Zooniverse continues to be involved with identifying the damage caused by the devastating hurricanes of summer 2017, as well as the historical classification of cyclones to help further the understanding of patterns and potential trends of cyclones under climate change. While these are two independent projects, they both serve the broad goal of increasing understanding and preparedness for any similar future events.
This kind of work attracts a wide range of contributors (based on a 2015 survey), with a balanced distribution of ages. Currently, those actively participating are mainly from English-speaking countries, as a combined 64% originate from the UK or the USA, with only 2% from developing countries. Many state that contributing to the projects on Zooniverse is fun, and that contributing to scientific progress is a strong part of the appeal.
Professor Brooke Simmons, Einstein fellow at UC San Diego, and leader of the Zooniverse Analysis Group, explains that the work users are doing on Zooniverse is a making a noticeable difference on the ground, with “really good feedback” from first responders, especially in response to Irma and Maria in 2017, where Zooniverse was called in to inspect the damage.
One such first responder, Rebekah Yore, of Rescue Global, an international Non-Governmental Organisation working to reduce disaster risk reduction around the world. Having previously worked on the response to Irma and Maria in 2017, Yore explains that Rescue Global could quickly find a set of personnel via Zooniverse whereby thousands of volunteers rapidly analysed pre- and post-storm satellite images to identify “specifically features of damage and hazard from infrastructure collapse, flooding and other causes”.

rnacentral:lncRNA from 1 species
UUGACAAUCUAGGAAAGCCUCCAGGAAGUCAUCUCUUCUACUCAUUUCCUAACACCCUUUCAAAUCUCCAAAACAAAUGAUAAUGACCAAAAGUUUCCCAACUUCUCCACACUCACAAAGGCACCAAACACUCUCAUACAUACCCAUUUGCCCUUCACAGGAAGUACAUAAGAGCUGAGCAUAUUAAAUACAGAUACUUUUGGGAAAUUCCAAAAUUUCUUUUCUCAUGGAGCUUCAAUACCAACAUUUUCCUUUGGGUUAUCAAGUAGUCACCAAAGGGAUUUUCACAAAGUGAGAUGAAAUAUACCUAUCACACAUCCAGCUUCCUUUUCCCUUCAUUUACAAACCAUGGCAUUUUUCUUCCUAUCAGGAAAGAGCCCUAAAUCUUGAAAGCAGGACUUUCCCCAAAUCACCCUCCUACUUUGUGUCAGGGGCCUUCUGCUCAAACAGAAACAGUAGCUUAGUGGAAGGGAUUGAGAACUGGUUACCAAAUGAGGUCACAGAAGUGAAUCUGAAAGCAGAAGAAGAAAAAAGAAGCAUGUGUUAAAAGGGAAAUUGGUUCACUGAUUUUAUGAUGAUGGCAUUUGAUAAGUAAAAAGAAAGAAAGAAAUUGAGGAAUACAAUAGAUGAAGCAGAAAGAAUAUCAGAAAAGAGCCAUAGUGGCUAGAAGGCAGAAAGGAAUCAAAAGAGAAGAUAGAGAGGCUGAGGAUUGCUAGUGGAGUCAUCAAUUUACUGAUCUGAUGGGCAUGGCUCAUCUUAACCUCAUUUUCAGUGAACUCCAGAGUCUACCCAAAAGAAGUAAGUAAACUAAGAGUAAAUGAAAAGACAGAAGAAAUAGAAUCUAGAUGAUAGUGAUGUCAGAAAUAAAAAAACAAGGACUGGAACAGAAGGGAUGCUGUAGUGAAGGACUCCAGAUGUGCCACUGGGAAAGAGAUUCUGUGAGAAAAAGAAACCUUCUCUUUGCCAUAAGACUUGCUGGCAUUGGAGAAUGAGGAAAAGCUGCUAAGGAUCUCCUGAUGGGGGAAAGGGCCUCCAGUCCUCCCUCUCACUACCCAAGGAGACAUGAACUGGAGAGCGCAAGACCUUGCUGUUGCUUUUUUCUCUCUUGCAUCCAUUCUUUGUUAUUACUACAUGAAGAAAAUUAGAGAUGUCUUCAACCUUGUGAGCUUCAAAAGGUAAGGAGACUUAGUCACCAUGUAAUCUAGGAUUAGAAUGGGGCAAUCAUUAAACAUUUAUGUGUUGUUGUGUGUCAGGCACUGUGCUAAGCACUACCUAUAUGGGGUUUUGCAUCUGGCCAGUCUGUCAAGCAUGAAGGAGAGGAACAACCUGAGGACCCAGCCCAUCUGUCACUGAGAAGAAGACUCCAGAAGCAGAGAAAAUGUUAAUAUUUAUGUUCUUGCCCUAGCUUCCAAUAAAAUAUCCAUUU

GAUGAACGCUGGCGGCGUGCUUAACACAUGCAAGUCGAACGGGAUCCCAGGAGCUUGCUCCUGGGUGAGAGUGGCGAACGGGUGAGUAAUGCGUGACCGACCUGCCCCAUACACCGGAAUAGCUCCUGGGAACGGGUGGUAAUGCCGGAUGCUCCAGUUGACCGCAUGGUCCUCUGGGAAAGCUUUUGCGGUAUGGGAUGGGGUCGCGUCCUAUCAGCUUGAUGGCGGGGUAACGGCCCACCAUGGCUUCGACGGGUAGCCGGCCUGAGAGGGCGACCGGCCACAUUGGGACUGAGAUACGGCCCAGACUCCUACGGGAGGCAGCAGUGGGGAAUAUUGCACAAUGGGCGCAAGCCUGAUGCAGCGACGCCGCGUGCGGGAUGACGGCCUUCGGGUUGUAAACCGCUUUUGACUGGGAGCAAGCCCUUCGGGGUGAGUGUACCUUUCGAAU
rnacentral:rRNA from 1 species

Once the volunteers’ work was done, the Machine Learning department at the University of Oxford would ‘run the responses through algorithms to filter anomalous results, improve the reliability of data, and produce heat maps of identified damage and features on the ground’. This became an essential component in Rescue Global’s humanitarian response, which was involved in determining which affected populations’ needs were the most critical, and which areas may have been more dangerous to traverse for teams deployed on the ground.
From a humanitarian response perspective, and particularly from the hurricane response in the Caribbean in 2017, Zooniverse allowed a great amount of accurate information to be generated extraordinarily quickly. Yore is quite clear that without Zooniverse, the first responders could not have had this kind of information to hand. Why was this information so useful? Yore sets the scene for what greets the those who are first to such disaster zones: “villages may have disappeared, there may be new, spontaneous groups of internally-displaced people. Bridges and access roads can also be destroyed, with flooding and landslides potentially blocking access”. The insights from Zooniverse are essential for both finding vulnerable populations while also protecting members of the rescue community.
Thus, arguably the most dramatic change to preparing for extreme weather is also how responses to them are managed. HIWeather has also identified endemic challenges of what a forecast should indicate, such as how to best spread effective warnings to a vulnerable community. Social media activity is a good way to analyse how effectively an extreme weather warning is being received and followed.7